A $68,000 California Community Foundation (CCF) grant is making it possible for Occidental College’s Upward Bound program to continue to provide safe, in-person college-prep services to low-income high school students from Northeast Los Angeles despite the COVID-19 pandemic.
The grant, awarded as part of the foundation’s L.A. County Summer Learning Initiative 2021, has allowed Oxy Upward Bound to implement a variety of pandemic-related safety procedures and mental health services essential for an in-person program for this year’s 51 scholars, all of whom would be the first in their families to attend college.
“This grant has allowed us to provide additional services that normally we would not be able to provide, including an onsite student success coach and a nurse,” says program director Jesus Maldonado. “The success coach has been key because for many of our students this has been their first opportunity to be in a classroom since March 2020. It can be a daunting experience for them.”
This is the second year that a CCF grant has made it possible for Oxy Upward Bound to offer a hybrid commuter/residential program for its students. Last year’s $20,000 grant helped make Oxy one of the few Upward Bound programs to run an in-person program in 2020.
The commuter program provides flexibility for families uncomfortable with their students living on campus during the pandemic. All students participate in two courses for credit, tutoring sessions and workshops on applying to college, careers, STEM, and cultural enrichment. They also had the opportunity to participate in a justice bootcamp led by faculty from Occidental’s Critical Theory & Social Justice Department and a workshop hosted by Esports Performance Academy.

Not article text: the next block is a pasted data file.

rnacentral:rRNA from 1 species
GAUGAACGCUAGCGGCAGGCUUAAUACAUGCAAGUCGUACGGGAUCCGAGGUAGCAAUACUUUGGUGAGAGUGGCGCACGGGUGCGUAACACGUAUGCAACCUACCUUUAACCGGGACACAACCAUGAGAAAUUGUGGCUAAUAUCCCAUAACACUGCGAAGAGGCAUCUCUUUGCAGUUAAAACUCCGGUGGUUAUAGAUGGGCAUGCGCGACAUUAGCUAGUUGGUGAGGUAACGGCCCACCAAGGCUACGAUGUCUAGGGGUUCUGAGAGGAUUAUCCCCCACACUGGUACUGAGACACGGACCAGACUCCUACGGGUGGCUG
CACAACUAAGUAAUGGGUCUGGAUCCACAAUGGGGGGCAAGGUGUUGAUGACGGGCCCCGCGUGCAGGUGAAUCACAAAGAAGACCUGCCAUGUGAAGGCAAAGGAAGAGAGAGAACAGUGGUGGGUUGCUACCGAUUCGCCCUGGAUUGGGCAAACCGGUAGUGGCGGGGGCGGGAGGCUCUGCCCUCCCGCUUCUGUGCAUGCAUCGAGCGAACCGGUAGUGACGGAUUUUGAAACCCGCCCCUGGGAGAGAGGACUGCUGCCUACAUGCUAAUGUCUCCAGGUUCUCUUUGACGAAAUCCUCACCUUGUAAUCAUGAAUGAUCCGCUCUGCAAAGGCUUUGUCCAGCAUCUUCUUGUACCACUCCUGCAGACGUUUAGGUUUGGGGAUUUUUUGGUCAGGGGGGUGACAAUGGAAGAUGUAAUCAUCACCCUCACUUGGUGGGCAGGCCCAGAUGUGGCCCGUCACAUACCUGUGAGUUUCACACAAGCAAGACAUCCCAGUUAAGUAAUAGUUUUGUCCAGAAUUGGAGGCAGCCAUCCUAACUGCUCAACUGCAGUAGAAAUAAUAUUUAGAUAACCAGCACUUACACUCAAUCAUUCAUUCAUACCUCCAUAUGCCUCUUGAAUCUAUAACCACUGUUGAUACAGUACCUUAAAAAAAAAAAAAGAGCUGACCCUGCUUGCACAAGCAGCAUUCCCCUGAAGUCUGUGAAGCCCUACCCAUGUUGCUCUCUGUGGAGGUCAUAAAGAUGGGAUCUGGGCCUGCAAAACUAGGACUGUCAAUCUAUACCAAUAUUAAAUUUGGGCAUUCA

Though Upward Bound scholars in the residential program have to follow strict COVID policies, they still manage to have a great summer experience. It’s still the traditional residential program, but with COVID restrictions, says Joseph Benitez, a senior from nearby Franklin High School. “We still get to have the brotherhood (and sisterhood) feel because we all get to know each other and get to live in the same residence hall. It’s great to be part of one of the few programs that is running a safe in-person program.”
Rochelle Abrigo, a classmate of Benitez, adds, “It’s been an interesting experience being a commuter student. Even though I am not participating in a residential program, I get to experience great classes and learn about the college-going process. I really loved being here this summer and I am grateful that the program was able to continue.”
Oxy's year-round program welcomed its first students in 1966, and is one of the oldest Upward Bound programs in the country. Over the past three decades, 94 percent of participants—currently drawn from Franklin, Lincoln, Wilson and Belmont high schools in the Los Angeles Unified School District--have graduated from high school and enrolled in college. Under ordinary circumstances up to 122 students participate in the program each year.
The Upward Bound program began as part of President Lyndon B. Johnson's "war on poverty," and is one of several related programs created by the Educational Opportunity Act of 1964. Four years later, it was transferred to the Department of Education, which remains the primary funder of the program.
You can find more information on Occidental’s participation in the program here.